I am too well acquainted with my own Weakness to conclude an Opinion false, merely because I find myself unable to defend it.

But I am in haste to hear the Proof of the other Positions, not only because they may perhaps supply what is deficient in your Evidence of the first, but because I think it of more Importance to detect Corruption than Fiction.

Though indeed Falshood is a Species of Corruption, and what Falshood is more hateful than the Falshood of History.

Since you have drawn me back, Madam, to the first Question, returned the Doctor, Let me know what Arguments your Ladyship can produce for the Veracity of these Books.

That there are many Objections against it, you yourself have allowed, and the highest moral Evidence of Falshood appears when there are many Arguments against an Assertion, and none for it.

Sir, replied Arabella, I shall never think that any Narrative, which is not confuted by its own Absurdity, is without one Argument at least on its Side; there is a Love of Truth in the human Mind, if not naturally implanted, so easily obtained from Reason and Experience, that I should expect it universally to prevail where there is no strong Temptation to Deceit; we hate to be deceived, we therefore hate those that deceive us; we desire not to be hated, and therefore know that we are not to deceive. Shew me an equal Motive to Falshood, or confess that every Relation has some Right to Credit.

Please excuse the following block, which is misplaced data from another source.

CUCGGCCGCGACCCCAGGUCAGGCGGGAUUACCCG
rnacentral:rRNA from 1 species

This may be allowed, Madam, said the Doctor, when we claim to be credited, but that seems not to be the Hope or Intention of these Writers.